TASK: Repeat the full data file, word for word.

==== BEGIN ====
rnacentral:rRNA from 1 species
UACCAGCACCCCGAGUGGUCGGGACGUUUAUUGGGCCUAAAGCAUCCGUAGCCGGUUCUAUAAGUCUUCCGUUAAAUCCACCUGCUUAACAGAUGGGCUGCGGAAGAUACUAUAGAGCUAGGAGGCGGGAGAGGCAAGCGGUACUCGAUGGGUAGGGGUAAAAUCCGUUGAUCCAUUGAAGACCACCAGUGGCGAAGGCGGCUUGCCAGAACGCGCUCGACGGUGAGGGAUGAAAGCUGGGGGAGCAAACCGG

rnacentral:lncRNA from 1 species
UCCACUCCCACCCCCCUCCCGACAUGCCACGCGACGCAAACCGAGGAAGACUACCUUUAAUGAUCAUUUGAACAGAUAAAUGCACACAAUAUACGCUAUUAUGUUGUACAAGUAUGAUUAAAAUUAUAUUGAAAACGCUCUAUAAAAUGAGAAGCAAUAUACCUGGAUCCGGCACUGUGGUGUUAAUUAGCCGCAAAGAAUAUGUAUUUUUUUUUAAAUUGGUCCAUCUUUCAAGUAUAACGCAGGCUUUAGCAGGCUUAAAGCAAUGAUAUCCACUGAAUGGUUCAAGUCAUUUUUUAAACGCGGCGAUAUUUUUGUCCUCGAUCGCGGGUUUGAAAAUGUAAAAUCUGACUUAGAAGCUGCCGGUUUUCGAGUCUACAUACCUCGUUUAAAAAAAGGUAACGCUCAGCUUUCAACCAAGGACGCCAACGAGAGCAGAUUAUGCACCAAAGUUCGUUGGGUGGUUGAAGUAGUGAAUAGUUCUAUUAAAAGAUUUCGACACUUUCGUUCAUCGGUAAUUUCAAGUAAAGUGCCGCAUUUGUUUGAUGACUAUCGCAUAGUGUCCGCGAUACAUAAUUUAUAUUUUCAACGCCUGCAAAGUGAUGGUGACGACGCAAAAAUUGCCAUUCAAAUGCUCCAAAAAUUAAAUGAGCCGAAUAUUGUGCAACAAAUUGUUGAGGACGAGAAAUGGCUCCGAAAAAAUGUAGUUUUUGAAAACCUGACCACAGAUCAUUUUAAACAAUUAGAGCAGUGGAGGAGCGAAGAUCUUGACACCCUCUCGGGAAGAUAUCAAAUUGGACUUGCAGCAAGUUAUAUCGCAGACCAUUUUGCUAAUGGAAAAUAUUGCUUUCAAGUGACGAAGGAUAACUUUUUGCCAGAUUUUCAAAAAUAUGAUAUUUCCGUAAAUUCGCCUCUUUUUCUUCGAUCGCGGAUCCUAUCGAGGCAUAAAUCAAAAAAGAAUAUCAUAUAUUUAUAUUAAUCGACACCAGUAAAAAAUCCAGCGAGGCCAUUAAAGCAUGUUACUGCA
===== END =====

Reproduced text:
rnacentral:rRNA from 1 species
UACCAGCACCCCGAGUGGUCGGGACGUUUAUUGGGCCUAAAGCAUCCGUAGCCGGUUCUAUAAGUCUUCCGUUAAAUCCACCUGCUUAACAGAUGGGCUGCGGAAGAUACUAUAGAGCUAGGAGGCGGGAGAGGCAAGCGGUACUCGAUGGGUAGGGGUAAAAUCCGUUGAUCCAUUGAAGACCACCAGUGGCGAAGGCGGCUUGCCAGAACGCGCUCGACGGUGAGGGAUGAAAGCUGGGGGAGCAAACCGG

rnacentral:lncRNA from 1 species
UCCACUCCCACCCCCCUCCCGACAUGCCACGCGACGCAAACCGAGGAAGACUACCUUUAAUGAUCAUUUGAACAGAUAAAUGCACACAAUAUACGCUAUUAUGUUGUACAAGUAUGAUUAAAAUUAUAUUGAAAACGCUCUAUAAAAUGAGAAGCAAUAUACCUGGAUCCGGCACUGUGGUGUUAAUUAGCCGCAAAGAAUAUGUAUUUUUUUUUAAAUUGGUCCAUCUUUCAAGUAUAACGCAGGCUUUAGCAGGCUUAAAGCAAUGAUAUCCACUGAAUGGUUCAAGUCAUUUUUUAAACGCGGCGAUAUUUUUGUCCUCGAUCGCGGGUUUGAAAAUGUAAAAUCUGACUUAGAAGCUGCCGGUUUUCGAGUCUACAUACCUCGUUUAAAAAAAGGUAACGCUCAGCUUUCAACCAAGGACGCCAACGAGAGCAGAUUAUGCACCAAAGUUCGUUGGGUGGUUGAAGUAGUGAAUAGUUCUAUUAAAAGAUUUCGACACUUUCGUUCAUCGGUAAUUUCAAGUAAAGUGCCGCAUUUGUUUGAUGACUAUCGCAUAGUGUCCGCGAUACAUAAUUUAUAUUUUCAACGCCUGCAAAGUGAUGGUGACGACGCAAAAAUUGCCAUUCAAAUGCUCCAAAAAUUAAAUGAGCCGAAUAUUGUGCAACAAAUUGUUGAGGACGAGAAAUGGCUCCGAAAAAAUGUAGUUUUUGAAAACCUGACCACAGAUCAUUUUAAACAAUUAGAGCAGUGGAGGAGCGAAGAUCUUGACACCCUCUCGGGAAGAUAUCAAAUUGGACUUGCAGCAAGUUAUAUCGCAGACCAUUUUGCUAAUGGAAAAUAUUGCUUUCAAGUGACGAAGGAUAACUUUUUGCCAGAUUUUCAAAAAUAUGAUAUUUCCGUAAAUUCGCCUCUUUUUCUUCGAUCGCGGAUCCUAUCGAGGCAUAAAUCAAAAAAGAAUAUCAUAUAUUUAUAUUAAUCGACACCAGUAAAAAAUCCAGCGAGGCCAUUAAAGCAUGUUACUGCA